Copy

 

Welcome to HealthFiles, one of the few publications out at the moment that is guaranteed not to feature Donald Trump.

Thanks to the hard working team at B.N., we have some wonderful articles in this edition. You might also have noticed our new format, which includes monthly reports on what’s happening in Queensland with disciplinary decisions and coronial findings.

Telemedicine is in our sights and will feature in our next edition. With great opportunity comes great reward and, also, greater risk. We will look at all of these issues in the context of what is happening now in Australia, a leader in the field of virtual medicine.

Keep an eye out for our Healthy Breakfast Series starting in Brisbane soon. More details to follow.

In the meantime, please enjoy this edition of Healthfiles and feel free to contact the authors on the contact details provided.

Rob Samut | Partner

HOSPITAL-ACQUIRED INFECTIONS - WHEN ARE HOSPITALS LEGALLY LIABLE?

 

In previous HealthFiles articles, we have highlighted the implications of antibiotic resistance and hospital-acquired infections (HAIs), those which patients acquire during the course of receiving treatment for other conditions.

These issues remain topical.  There are around 200,000 HAIs in Australian healthcare facilities each year affecting 1 in 10 hospital admissions. These infections lead to extended hospital stays and an increase in treatment and diagnostics, so amplifying costs. Read more.

WHAT DO THE NEW MENTAL HEALTH REFORMS MEAN FOR HOSPITALS AND MEDICAL PRACTITIONERS IN QLD?

 
The Mental Health Act 2016 (Qld) (“the Act”) represents the biggest mental health law reform in Queensland in 15 years. Existing laws governing the examination and treatment of patients with a mental illness have not up kept to date with developments in patient rights and clinical practice. Hospitals and medical practitioners have until November 2016 (when the laws come into force) to familiarise themselves with the changes. Read more.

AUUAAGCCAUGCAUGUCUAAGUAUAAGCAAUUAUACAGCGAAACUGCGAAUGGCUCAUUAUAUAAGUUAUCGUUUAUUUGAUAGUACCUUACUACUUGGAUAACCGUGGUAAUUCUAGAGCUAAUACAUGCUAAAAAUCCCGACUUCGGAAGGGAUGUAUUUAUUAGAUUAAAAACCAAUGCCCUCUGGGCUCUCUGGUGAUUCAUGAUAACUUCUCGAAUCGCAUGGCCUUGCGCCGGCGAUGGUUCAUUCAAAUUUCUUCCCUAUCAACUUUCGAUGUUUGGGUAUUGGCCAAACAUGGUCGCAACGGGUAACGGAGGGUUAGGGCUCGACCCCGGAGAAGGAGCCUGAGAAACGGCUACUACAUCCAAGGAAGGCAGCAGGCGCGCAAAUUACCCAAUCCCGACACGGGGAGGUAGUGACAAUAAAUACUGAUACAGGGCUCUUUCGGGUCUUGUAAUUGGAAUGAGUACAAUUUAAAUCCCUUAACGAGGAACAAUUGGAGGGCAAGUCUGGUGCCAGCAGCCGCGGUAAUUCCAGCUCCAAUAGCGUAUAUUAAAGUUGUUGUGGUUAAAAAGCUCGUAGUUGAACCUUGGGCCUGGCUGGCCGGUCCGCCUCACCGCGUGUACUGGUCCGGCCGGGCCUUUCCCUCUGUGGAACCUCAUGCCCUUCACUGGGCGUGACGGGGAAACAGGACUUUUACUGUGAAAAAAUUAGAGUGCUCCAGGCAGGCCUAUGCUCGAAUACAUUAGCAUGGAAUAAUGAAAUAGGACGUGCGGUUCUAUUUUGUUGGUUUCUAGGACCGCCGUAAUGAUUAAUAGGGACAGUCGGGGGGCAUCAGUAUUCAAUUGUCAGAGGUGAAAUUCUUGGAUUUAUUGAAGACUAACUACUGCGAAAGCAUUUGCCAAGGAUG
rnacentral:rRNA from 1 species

CEREBRAL PALSY - A GENETIC CONDITION?

 
Cerebral palsy is the most common physical disability in childhood, with an incidence of around 1 in 500 births. The condition has traditionally been assumed to be caused by brain injury sustained during childbirth.  It can lead to a very severe disability, and is frequently the subject of damages claims pursued on the basis that different management of the mother’s labour could have avoided the injury.  Claims tend to be in large, and it is estimated that around $300 million dollars is spent on settlements of cerebral palsy cases in Australia each year. Read more.
 

AROUND THE COURTS

 
Stefanyszyn v Brown; Brown v Newcastle Private Hospital Limited t/as Newcastle Private Hospital [2016] NSWSC 826

Justice Schmidt’s decision in Stefanyszyn v Brown; Brown v Newcastle Private Hospital Limited t/as Newcastle Private Hospital [2016] NSWSC 826 is an important reminder of the difference between the duty of care owed by a visiting medical officer who provides medical services to patients at a hospital, and the duty of care owed by the hospital.

It is also an important reminder that the duty of care owed by a hospital and a medical practitioner is independent of the duty owed by the other and cannot be delegated.
 Read more.
 

CONTINUING REGULATORY AND INSURANCE CRISIS SURROUNDING HOME BIRTHS